While working on John Edwards’ presidential campaign, I met working people across the country struggling just to make ends meet. For some time now, the financial hardships experienced by men and women in the heartland have been ignored or even overlooked by politicians and pundits alike in Washington. With last Friday’s news that the nation’s unemployment rate jumped to 5.5 percent in May, the highest monthly rise in two decades, this is no longer the case. Those inside the beltway are finally starting to come to terms and focus on this serious economic crisis.
Our economy is headed on the wrong track and taking good, hard-working people with it. Unemployment is rising through the roof, inflation and energy prices are skyrocketing, and a tragic number of Americans are losing their homes to foreclosure due to the housing and credit crisis. Now more than ever before, we need to continue our efforts to preserve America’s middle class. Workers need political solutions that work for them, and they need political leaders who have strength and courage to get them through these tough times.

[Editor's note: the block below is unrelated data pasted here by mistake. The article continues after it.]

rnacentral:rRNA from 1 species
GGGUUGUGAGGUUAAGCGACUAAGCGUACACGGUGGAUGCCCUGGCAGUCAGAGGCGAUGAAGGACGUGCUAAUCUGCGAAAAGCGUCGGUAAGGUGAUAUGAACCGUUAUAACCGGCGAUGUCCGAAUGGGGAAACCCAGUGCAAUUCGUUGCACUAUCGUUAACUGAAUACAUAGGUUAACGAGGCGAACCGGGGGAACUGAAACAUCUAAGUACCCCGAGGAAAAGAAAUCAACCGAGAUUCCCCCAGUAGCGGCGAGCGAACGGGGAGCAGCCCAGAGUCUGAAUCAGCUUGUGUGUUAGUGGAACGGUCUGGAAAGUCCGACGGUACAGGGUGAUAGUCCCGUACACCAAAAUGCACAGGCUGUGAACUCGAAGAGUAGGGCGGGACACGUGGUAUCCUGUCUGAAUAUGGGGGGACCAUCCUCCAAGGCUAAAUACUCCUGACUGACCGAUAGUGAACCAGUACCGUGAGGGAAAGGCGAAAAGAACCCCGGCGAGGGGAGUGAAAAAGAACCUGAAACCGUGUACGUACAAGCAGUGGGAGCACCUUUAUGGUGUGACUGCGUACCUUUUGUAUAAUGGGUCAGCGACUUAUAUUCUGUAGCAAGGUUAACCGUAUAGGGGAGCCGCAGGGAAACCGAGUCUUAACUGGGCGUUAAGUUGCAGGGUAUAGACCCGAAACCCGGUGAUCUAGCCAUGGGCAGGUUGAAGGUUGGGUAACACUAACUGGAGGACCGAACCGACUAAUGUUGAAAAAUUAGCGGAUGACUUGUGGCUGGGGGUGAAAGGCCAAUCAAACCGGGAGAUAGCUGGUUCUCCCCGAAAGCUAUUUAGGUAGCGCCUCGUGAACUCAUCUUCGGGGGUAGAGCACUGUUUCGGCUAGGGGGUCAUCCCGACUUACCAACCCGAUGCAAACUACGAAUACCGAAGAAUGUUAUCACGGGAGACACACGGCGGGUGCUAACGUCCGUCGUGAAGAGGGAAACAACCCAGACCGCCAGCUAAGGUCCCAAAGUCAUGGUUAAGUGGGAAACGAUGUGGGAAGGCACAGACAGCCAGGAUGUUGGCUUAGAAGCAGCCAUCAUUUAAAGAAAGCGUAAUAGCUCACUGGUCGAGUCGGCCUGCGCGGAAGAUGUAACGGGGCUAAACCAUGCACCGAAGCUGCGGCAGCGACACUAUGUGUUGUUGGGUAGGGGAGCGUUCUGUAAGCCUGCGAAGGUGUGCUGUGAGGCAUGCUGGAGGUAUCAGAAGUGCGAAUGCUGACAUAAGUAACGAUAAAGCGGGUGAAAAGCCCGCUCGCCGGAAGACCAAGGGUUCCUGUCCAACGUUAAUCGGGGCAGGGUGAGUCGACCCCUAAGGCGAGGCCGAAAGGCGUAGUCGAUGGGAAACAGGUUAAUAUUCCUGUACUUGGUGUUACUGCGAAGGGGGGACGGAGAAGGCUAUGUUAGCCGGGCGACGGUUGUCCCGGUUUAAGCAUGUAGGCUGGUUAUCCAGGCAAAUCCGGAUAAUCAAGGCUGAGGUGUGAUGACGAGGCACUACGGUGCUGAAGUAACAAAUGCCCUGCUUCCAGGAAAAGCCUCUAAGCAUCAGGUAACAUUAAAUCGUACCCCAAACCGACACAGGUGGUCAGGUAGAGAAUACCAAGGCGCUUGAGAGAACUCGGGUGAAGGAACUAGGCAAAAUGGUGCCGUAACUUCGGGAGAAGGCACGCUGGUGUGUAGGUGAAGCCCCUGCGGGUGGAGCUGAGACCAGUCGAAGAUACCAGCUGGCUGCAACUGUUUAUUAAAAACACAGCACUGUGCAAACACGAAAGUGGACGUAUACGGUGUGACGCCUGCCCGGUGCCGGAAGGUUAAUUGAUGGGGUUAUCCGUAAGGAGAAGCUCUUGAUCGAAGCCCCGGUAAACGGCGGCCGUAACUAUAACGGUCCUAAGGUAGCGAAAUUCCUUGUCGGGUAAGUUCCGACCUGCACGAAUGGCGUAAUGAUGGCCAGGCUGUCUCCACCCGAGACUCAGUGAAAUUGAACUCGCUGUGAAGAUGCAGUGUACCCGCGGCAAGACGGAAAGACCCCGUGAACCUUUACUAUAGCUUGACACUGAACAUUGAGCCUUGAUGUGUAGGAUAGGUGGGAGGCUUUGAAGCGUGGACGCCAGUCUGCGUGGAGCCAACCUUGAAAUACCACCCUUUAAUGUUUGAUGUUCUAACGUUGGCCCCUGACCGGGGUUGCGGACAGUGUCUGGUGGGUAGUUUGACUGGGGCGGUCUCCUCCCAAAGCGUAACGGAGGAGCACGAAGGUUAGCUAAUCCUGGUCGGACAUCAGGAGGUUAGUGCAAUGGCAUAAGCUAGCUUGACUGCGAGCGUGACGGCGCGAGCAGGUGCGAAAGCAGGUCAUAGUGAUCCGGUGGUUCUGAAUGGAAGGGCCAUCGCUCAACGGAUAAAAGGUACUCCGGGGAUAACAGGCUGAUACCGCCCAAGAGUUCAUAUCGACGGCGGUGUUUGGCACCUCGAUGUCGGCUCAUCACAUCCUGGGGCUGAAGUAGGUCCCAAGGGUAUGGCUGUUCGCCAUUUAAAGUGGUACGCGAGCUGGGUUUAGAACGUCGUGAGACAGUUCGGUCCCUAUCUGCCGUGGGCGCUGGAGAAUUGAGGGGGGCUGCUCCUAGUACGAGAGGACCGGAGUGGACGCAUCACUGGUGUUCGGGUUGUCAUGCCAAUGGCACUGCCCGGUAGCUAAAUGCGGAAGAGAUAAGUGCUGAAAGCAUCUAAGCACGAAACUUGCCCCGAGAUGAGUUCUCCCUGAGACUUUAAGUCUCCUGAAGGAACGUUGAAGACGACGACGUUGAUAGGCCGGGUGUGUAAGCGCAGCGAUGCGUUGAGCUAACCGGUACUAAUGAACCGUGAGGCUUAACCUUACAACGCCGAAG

At American Rights at Work, we will continue to grow public support for workers’ rights, so the freedom for all men and women to form unions for a better life is restored, guaranteed, and promoted. More than half of U.S. workers—60 million—say they would join a union right now if they could. It’s no secret why. Workers in unions earn 28 percent higher wages on average, and are 62 percent more likely to have employer-covered health coverage. As a critical component of addressing this economic squeeze, we must reform our obsolete labor law system which too often prevents workers from joining a union if they so choose.
We must continue to work with members on both sides of the aisle in finding ways to bolster the rights and opportunities of America’s workers. Our children must know we are fighting for their future or they will lose all hope that the American dream is possible. Leveling the playing field for workers is a critical first step for the next generation to be a part of a thriving and robust middle class that is fundamental to both democracy and the American economy.
David Bonior is a former Congressman and Democratic Whip and is the Chair of American Rights at Work.
Cross-posted to The Hill Blog.